The National Rifle Association’s top lobbyist, Chris Cox, bragged about attending a White House ceremony where President Donald Trump signed legislation repealing an Obama-era regulation favored by conservation and hunting groups that gave citizens a greater say in corporations’ plans to mine, log, and drill on federally managed public lands.
During the March 28 edition of NRATV’s news show Stinchfield, Cox said he was “honored” to be invited to the White House to represent the NRA, and claimed that repealing this “last-minute Obama" regulation would be good for “sportsmen's access” as well as good for “business interest.” Host Grant Stinchfield praised the president’s invitation as “another sign that we have a friend in the White House”:
GRANT STINCHFIELD (HOST): So first off before we get to the [Neil] Gorsuch confirmation, you were at the White House yesterday. This just seems to me -- they invite you there as another sign that we have a friend in the White House, the NRA does.
CHRIS COX: Well they invited the National Rifle Association there and I was honored to represent our members all across the country. The president was signing a number of different bills into law through the Congressional Review Act. All of these last-minute Obama regulations that they put through, they’re taking a look at all of those. We saw one recently with the Social Security Administration where we were able to fix that. What this one yesterday, the one of particular interest to us, was the Bureau of Land Management, BLM. They manage almost 250 million acres, that’s about the size of Texas and Oklahoma combined -- a little bigger than Texas and Oklahoma combined. So whether it's sportsmen’s access or business interest, removing that power out of D.C., putting it back to the states is good for sportsmen, it's good for America. So I was honored to be over there and it's a nice change because we know Hillary Clinton wouldn't have been doing that.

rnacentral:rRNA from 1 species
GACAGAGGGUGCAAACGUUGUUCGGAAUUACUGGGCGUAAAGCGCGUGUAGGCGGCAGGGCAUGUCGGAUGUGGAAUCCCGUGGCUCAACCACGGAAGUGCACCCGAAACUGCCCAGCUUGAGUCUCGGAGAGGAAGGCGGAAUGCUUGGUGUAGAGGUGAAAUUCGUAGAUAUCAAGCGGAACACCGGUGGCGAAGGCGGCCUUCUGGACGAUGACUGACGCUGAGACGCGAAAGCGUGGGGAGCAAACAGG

The repeal invalidated the Bureau of Land Management’s Planning 2.0 rule, which was created to “increase public involvement and incorporate the most current data and technology to decide whether and where drilling, mining and logging will happen on public land.” Rolling it back would also prevent the agency from creating similar regulations in the future because it was repealed under the Congressional Review Act.